Themes for Individual Applications
A few of the Trinity applications have their own customizable theming support.
You probably think of this application as "the screen you see after typing in your username + pass, while waiting for the desktop to load".
Getting TDM/KSplash themes
Your best bet for finding new themes for TDM is to look at the KDM -> KDM3 section of kde-look.org. They have more than 400 themes, and there's a good chance that they will work in TDM without significant changes.
You can add new TDM themes to Trinity by using the Appearance & Themes -> Splash Screen section of the Control Center.
Making TDM/KSplash Themes
A TDM theme consists of a simple text settings file called Theme.rc and several .png files with specific names. These are placed together in a directory, and the directory is then squished into a .tar.gz or .tar.bz2 file.
Here is a simple sample Theme.rc:
[KSplash Theme: Example] Name = Example Description = Example of a TDM/KSplash Theme.rc file. This description, along with most of the other fields here, will be displayed in the Control Center when this theme is selected. Version = 1.0 Author = me <firstname.lastname@example.org> Homepage = http://nowhere.invalid # Theme behavior settings. Engine = Default # Should icons blink ala KDE, or not? Icons Flashing = true
There are four required .png files. Two-- splash_top.png and splash_bottom.png --form the splash screen background. The other two-- splash_active_bar.png and splash_inactive_bar.png --contain the icons that "light up" by increments to indicate how far TDE has gotten in its loading sequence.
Most themes will also include a Preview.png to provide a visual preview of the theme in the Control Center.
Trinity's CD and DVD burning application is also themable.
Getting K3B Themes
Again, kde-look.org still has some, although they're not as well-segregated as the TDM themes. Look for themes that came out prior to Jan. 2008 (the initial release date for KDE4). You can install them using the Themes item under Settings -> Configure K3B.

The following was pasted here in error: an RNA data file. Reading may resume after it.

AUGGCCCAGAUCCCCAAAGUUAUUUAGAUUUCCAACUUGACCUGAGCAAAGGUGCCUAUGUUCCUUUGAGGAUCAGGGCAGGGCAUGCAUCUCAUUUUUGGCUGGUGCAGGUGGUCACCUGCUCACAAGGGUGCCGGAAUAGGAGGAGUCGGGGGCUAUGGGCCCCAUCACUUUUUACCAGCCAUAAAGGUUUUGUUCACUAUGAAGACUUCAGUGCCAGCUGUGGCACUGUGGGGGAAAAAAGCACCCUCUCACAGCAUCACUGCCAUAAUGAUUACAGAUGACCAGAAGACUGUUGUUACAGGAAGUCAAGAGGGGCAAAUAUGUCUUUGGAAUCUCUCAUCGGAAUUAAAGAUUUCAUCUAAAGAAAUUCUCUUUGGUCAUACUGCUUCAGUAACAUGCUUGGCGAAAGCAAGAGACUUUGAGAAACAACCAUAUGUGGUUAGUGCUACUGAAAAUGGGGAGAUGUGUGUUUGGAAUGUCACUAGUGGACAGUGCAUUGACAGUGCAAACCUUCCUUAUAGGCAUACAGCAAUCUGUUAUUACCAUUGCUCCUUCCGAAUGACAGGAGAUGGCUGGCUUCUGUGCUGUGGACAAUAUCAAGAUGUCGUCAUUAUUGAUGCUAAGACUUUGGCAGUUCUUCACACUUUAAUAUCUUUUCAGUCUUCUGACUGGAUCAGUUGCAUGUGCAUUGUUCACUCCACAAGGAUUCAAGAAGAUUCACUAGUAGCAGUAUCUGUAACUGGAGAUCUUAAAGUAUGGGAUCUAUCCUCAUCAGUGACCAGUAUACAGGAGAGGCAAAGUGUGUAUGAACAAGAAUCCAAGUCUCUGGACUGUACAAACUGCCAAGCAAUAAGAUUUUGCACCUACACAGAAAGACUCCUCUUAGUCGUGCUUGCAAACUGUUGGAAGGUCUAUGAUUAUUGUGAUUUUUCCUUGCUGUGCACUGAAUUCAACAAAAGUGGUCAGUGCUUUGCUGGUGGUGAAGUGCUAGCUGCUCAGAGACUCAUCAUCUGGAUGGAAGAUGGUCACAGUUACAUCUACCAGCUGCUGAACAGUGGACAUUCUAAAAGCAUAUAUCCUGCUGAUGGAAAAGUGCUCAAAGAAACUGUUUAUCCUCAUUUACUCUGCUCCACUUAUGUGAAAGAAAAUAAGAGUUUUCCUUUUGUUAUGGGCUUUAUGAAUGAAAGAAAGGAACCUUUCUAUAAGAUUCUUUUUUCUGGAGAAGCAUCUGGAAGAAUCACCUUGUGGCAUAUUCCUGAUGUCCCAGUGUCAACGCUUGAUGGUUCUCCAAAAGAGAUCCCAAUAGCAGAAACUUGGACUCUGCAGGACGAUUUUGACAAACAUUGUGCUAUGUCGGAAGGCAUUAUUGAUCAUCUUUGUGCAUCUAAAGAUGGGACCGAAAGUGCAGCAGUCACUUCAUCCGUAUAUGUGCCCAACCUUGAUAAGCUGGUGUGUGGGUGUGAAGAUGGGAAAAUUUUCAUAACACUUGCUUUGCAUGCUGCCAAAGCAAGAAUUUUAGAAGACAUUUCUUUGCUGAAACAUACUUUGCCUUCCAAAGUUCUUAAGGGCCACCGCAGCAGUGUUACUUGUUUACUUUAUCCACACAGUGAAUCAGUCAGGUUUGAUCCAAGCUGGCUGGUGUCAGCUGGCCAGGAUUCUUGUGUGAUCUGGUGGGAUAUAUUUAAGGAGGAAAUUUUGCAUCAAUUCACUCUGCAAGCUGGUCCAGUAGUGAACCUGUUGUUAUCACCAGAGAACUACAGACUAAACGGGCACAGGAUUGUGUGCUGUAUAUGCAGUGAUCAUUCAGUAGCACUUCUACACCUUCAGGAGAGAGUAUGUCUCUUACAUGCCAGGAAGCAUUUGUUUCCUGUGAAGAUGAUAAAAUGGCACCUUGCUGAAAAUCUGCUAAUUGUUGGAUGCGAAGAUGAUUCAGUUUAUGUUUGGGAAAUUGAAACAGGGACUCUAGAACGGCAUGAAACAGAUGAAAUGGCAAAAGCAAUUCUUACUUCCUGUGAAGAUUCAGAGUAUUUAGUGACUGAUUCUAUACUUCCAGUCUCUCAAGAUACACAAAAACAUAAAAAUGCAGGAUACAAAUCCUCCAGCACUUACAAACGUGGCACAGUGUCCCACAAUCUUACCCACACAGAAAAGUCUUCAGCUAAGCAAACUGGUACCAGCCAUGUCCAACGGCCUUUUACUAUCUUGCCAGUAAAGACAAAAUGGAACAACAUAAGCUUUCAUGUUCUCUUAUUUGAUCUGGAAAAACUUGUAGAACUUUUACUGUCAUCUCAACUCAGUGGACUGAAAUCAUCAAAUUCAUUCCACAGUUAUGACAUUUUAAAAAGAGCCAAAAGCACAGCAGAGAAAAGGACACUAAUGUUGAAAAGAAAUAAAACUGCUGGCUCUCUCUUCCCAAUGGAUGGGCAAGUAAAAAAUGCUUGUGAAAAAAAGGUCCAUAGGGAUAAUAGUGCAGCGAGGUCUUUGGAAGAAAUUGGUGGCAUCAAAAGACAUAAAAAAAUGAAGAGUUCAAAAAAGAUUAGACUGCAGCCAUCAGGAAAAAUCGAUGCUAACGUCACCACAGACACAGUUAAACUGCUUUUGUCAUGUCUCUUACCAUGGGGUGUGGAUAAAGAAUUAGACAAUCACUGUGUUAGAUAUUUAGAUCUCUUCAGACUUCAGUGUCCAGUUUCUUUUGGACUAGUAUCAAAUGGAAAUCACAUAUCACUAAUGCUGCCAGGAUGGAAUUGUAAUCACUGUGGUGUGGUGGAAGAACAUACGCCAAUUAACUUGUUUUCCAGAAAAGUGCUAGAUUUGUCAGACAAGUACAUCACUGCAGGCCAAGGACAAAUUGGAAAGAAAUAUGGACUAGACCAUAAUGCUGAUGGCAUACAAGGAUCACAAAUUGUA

Making K3B Themes
A K3B theme consists of a text settings file called k3b.theme (mostly metadata and colour information), plus some number of .png files for splash screens, backgrounds, icons, etc. These are stuffed into a directory which is then packaged as a .tar.gz
Here's a sample k3b.theme from ...being..., a theme conveniently placed under the GPL by its creator:
Author=dil23 Backgroundcolor=173,173,173 Foregroundcolor=255,255,153 BackgroundMode=Scaled Comment="...being...." Short Film Promo Theme! Version=0.1
Trinity's beloved music player is themable too.
Getting amaroK themes
Again, kde-look.org still has some, although they're not as well-segregated as the TDM themes. Look for themes that came out prior to Jan. 2008 (the initial release date for KDE4). Themes for amaroK 2.0+ will not work with the Trinity version of the program.
Making amaroK themes
Rather than having a simple text configuration file with a few line items in it, amaroK uses a .css file in its themes, allowing the themer much greater control over the program's appearance at the cost of having to type a lot more. This may be packaged with some number of .png files for backgrounds and buttons in the standard directory-inside-a-.tar.gz form.
Rather than trying to reproduce a sample .css file here (as they can be quite long), I would suggest that the would-be amaroK theme creator download The Blank Layout with system colours & fonts theme from kde-look.org, since its .css is nicely laid out for readability. Note that CSS 3 attributes are not likely to work.
Trinity's version of yakuake is skinnable. A few applicable skins can be found in the "Other KDE Stuff" section of kde-look.org (skins in the "Yakuake Skins" section are for the KDE4 version). Please refer to the skins/README file in your Yakuake installation for information on how to create a skin.